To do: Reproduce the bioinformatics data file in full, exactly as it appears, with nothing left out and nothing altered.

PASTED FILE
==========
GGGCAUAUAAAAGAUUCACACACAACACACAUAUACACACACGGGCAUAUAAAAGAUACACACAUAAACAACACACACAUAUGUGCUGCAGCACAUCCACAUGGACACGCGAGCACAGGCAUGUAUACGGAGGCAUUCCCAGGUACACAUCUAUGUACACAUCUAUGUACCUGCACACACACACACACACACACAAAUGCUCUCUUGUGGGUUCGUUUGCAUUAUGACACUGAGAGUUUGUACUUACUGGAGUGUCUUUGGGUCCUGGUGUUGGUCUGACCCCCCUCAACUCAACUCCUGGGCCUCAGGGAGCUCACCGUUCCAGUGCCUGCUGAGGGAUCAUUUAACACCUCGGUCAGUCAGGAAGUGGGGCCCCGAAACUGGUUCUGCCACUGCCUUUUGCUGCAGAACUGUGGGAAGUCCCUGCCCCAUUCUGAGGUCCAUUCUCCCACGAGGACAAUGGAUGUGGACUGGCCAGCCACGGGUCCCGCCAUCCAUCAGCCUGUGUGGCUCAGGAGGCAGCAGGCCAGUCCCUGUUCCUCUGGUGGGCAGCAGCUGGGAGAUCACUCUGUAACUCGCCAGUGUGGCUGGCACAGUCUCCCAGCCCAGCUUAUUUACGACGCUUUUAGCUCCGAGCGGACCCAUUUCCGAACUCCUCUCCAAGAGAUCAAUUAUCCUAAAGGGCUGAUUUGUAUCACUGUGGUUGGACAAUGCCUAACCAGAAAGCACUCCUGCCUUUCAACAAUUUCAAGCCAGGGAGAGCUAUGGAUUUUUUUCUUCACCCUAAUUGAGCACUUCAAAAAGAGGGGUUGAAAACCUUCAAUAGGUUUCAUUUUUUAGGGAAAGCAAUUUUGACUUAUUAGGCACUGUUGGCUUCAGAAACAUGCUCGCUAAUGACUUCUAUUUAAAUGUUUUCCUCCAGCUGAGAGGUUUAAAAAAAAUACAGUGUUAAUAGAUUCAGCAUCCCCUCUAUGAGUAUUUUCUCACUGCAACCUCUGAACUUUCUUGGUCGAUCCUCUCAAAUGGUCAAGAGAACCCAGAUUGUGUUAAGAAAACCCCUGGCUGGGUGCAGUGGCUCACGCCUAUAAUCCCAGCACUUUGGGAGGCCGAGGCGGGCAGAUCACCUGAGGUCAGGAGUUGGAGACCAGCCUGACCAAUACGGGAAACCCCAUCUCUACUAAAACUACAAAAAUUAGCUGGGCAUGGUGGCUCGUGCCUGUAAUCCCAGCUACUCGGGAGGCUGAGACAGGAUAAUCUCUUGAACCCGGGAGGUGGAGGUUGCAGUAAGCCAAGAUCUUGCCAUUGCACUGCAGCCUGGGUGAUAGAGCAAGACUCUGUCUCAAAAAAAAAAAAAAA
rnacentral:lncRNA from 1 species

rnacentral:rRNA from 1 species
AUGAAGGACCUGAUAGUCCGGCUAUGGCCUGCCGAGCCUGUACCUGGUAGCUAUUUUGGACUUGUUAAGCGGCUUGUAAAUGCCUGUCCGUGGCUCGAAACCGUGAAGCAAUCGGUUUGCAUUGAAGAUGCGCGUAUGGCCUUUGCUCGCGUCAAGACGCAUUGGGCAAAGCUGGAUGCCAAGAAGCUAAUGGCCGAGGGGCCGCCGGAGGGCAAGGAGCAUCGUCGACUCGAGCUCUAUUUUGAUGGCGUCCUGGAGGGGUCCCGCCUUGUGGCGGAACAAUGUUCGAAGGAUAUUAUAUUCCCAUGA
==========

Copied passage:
GGGCAUAUAAAAGAUUCACACACAACACACAUAUACACACACGGGCAUAUAAAAGAUACACACAUAAACAACACACACAUAUGUGCUGCAGCACAUCCACAUGGACACGCGAGCACAGGCAUGUAUACGGAGGCAUUCCCAGGUACACAUCUAUGUACACAUCUAUGUACCUGCACACACACACACACACACACAAAUGCUCUCUUGUGGGUUCGUUUGCAUUAUGACACUGAGAGUUUGUACUUACUGGAGUGUCUUUGGGUCCUGGUGUUGGUCUGACCCCCCUCAACUCAACUCCUGGGCCUCAGGGAGCUCACCGUUCCAGUGCCUGCUGAGGGAUCAUUUAACACCUCGGUCAGUCAGGAAGUGGGGCCCCGAAACUGGUUCUGCCACUGCCUUUUGCUGCAGAACUGUGGGAAGUCCCUGCCCCAUUCUGAGGUCCAUUCUCCCACGAGGACAAUGGAUGUGGACUGGCCAGCCACGGGUCCCGCCAUCCAUCAGCCUGUGUGGCUCAGGAGGCAGCAGGCCAGUCCCUGUUCCUCUGGUGGGCAGCAGCUGGGAGAUCACUCUGUAACUCGCCAGUGUGGCUGGCACAGUCUCCCAGCCCAGCUUAUUUACGACGCUUUUAGCUCCGAGCGGACCCAUUUCCGAACUCCUCUCCAAGAGAUCAAUUAUCCUAAAGGGCUGAUUUGUAUCACUGUGGUUGGACAAUGCCUAACCAGAAAGCACUCCUGCCUUUCAACAAUUUCAAGCCAGGGAGAGCUAUGGAUUUUUUUCUUCACCCUAAUUGAGCACUUCAAAAAGAGGGGUUGAAAACCUUCAAUAGGUUUCAUUUUUUAGGGAAAGCAAUUUUGACUUAUUAGGCACUGUUGGCUUCAGAAACAUGCUCGCUAAUGACUUCUAUUUAAAUGUUUUCCUCCAGCUGAGAGGUUUAAAAAAAAUACAGUGUUAAUAGAUUCAGCAUCCCCUCUAUGAGUAUUUUCUCACUGCAACCUCUGAACUUUCUUGGUCGAUCCUCUCAAAUGGUCAAGAGAACCCAGAUUGUGUUAAGAAAACCCCUGGCUGGGUGCAGUGGCUCACGCCUAUAAUCCCAGCACUUUGGGAGGCCGAGGCGGGCAGAUCACCUGAGGUCAGGAGUUGGAGACCAGCCUGACCAAUACGGGAAACCCCAUCUCUACUAAAACUACAAAAAUUAGCUGGGCAUGGUGGCUCGUGCCUGUAAUCCCAGCUACUCGGGAGGCUGAGACAGGAUAAUCUCUUGAACCCGGGAGGUGGAGGUUGCAGUAAGCCAAGAUCUUGCCAUUGCACUGCAGCCUGGGUGAUAGAGCAAGACUCUGUCUCAAAAAAAAAAAAAAA
rnacentral:lncRNA from 1 species

rnacentral:rRNA from 1 species
AUGAAGGACCUGAUAGUCCGGCUAUGGCCUGCCGAGCCUGUACCUGGUAGCUAUUUUGGACUUGUUAAGCGGCUUGUAAAUGCCUGUCCGUGGCUCGAAACCGUGAAGCAAUCGGUUUGCAUUGAAGAUGCGCGUAUGGCCUUUGCUCGCGUCAAGACGCAUUGGGCAAAGCUGGAUGCCAAGAAGCUAAUGGCCGAGGGGCCGCCGGAGGGCAAGGAGCAUCGUCGACUCGAGCUCUAUUUUGAUGGCGUCCUGGAGGGGUCCCGCCUUGUGGCGGAACAAUGUUCGAAGGAUAUUAUAUUCCCAUGA